Few internet resources have managed to influence me and my life.
Here they are, most recent on top
(not including web resources that I have started and been maintaining myself, which undoubtedly changed me, too :-).
arXiv preprint archive and all the traditional journals that had become available electronically over the few preceding years. Although instant electronic access to scientific articles is merely a convenience (comparing to a trip to a library), to me it has been a big enough convenience that has encouraged to read much more.|
Wikipedia, the first encyclopedia that I could actually read. Mind you, I had owned several paper encyclopedias before, but found them of virtually no use.
Lib.Ru helped me rediscover fiction books after many years of almost exclusively browsing the Web.|
I finally stopped trying to make a large community site based on the OpenACS toolkit. The toolkit was a geekhole, not really accessible to non-programmers. I wasted two years of time (as a hobby activity) before realizing this.|
I discovered Slashdot.|
Jakob Nielsens Alertbox column
has improved my understanding of the Web and design of my pages.
primer on how to be a graduate student in physical science or engineering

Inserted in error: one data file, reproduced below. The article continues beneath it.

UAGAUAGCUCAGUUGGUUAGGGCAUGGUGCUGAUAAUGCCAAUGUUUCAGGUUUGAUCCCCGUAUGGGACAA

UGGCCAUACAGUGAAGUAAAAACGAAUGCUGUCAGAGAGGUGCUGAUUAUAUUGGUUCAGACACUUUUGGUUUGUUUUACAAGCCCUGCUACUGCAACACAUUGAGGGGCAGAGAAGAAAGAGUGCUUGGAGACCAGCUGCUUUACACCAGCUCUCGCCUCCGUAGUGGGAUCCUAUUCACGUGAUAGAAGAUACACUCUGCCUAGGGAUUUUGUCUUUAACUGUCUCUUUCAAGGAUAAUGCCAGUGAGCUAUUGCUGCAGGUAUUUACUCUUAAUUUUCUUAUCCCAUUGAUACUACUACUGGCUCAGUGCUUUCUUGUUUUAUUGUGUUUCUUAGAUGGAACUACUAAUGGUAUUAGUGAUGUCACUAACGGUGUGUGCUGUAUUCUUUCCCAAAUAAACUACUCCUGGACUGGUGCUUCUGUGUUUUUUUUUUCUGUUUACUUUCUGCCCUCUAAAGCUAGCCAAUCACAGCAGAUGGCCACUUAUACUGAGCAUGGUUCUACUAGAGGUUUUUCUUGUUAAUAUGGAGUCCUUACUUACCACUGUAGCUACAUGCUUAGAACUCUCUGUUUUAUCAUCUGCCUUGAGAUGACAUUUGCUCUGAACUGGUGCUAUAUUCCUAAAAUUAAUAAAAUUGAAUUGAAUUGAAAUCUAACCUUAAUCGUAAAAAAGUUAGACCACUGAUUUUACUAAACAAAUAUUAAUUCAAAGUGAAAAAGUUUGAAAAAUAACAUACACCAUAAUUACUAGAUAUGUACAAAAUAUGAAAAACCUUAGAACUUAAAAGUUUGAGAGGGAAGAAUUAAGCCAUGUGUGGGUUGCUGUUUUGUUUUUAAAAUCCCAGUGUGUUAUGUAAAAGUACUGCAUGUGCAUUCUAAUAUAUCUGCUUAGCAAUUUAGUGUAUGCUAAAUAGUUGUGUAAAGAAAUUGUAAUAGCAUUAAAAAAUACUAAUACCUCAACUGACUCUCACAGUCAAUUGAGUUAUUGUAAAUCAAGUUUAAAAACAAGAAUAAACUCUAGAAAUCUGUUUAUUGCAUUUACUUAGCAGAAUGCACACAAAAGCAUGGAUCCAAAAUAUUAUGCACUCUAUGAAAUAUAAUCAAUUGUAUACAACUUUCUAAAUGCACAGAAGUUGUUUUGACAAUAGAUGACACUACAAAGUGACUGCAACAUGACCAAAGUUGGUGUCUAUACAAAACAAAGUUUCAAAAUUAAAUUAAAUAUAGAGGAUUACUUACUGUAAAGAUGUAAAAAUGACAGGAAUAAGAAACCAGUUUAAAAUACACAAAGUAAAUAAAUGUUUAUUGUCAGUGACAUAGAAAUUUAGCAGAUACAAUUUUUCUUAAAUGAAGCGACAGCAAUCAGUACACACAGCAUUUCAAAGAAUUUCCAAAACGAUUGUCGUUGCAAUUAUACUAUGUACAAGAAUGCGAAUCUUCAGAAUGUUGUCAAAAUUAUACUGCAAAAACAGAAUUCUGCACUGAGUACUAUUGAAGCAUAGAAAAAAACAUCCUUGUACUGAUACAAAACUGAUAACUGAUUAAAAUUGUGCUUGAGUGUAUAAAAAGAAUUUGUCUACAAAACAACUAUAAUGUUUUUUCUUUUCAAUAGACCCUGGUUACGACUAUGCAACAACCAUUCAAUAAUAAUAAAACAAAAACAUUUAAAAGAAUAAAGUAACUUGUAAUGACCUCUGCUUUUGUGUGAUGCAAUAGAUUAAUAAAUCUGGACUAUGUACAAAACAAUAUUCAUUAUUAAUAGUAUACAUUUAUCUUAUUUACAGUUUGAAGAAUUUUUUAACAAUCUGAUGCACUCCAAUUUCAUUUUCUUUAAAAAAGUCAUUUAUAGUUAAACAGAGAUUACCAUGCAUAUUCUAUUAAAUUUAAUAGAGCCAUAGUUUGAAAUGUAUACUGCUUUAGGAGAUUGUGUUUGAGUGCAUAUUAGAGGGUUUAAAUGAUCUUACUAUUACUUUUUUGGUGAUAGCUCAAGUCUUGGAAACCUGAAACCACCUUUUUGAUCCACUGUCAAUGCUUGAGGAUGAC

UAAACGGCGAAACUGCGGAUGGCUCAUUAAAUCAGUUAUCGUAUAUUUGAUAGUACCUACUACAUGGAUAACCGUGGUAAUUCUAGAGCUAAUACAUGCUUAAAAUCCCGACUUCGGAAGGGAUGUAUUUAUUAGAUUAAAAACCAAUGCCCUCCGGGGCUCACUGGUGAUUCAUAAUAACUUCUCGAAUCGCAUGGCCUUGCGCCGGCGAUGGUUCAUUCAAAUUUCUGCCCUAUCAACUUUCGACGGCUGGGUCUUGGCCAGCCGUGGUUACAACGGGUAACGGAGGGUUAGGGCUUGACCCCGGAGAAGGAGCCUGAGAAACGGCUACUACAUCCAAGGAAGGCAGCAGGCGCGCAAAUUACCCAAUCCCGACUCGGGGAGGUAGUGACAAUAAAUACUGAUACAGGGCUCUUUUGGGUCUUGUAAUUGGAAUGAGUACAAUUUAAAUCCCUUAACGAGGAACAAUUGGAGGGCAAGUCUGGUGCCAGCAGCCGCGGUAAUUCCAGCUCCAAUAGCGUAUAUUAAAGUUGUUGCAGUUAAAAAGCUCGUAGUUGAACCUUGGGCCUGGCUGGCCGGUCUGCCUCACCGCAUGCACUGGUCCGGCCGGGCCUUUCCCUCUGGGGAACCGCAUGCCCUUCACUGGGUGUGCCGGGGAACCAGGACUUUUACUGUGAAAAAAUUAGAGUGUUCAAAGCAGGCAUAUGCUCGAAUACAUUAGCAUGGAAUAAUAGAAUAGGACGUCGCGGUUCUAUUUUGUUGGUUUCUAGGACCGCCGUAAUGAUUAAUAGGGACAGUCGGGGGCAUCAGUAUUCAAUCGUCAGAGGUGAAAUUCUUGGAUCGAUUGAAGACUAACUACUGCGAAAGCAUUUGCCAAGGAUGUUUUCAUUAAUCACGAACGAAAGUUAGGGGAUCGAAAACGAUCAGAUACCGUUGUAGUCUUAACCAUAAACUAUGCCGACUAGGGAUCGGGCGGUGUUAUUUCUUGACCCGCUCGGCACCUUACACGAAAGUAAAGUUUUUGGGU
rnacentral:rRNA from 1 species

by Chuck Doswell. I read it from first to last byte and found enlightening,
in a sense.
Radio Liberty (in Russian): listen
to the life channel or records from the audio archive while having meals
in your office.|
CNN.com: news. Became less interesting to me in 2001.
Photo.net: a photography community.
Its Q&A Forum kept me coming back every day for several years.
I took the design style of my pages from its founder Philip Greenspun.|
All the other thousands of sites that I visited or used were no more than glimpses on the sky of my life.
Tools and resources I use regularly
- Search: Google. Besides searching for information, Im also using the search engine to check the usage and relative frequency of English words and phrases. Im a non-native speaker; these searches help me figure what usage is more correct in English. The Internet indexed by the search engine is way larger than any dictionary, which allows to solve many language questions by just looking at the statistics and diving into the search results for a few examples. (For the sake of history, lets mention I used AltaVista before Google added search for exact phrases, which was around 2002, I think.)
- Wayback Machine: if a site or page you are looking for is gone from its original URL, you can probably find its archive copy here.
- Looking up acronyms and abbreviations: English | Russian
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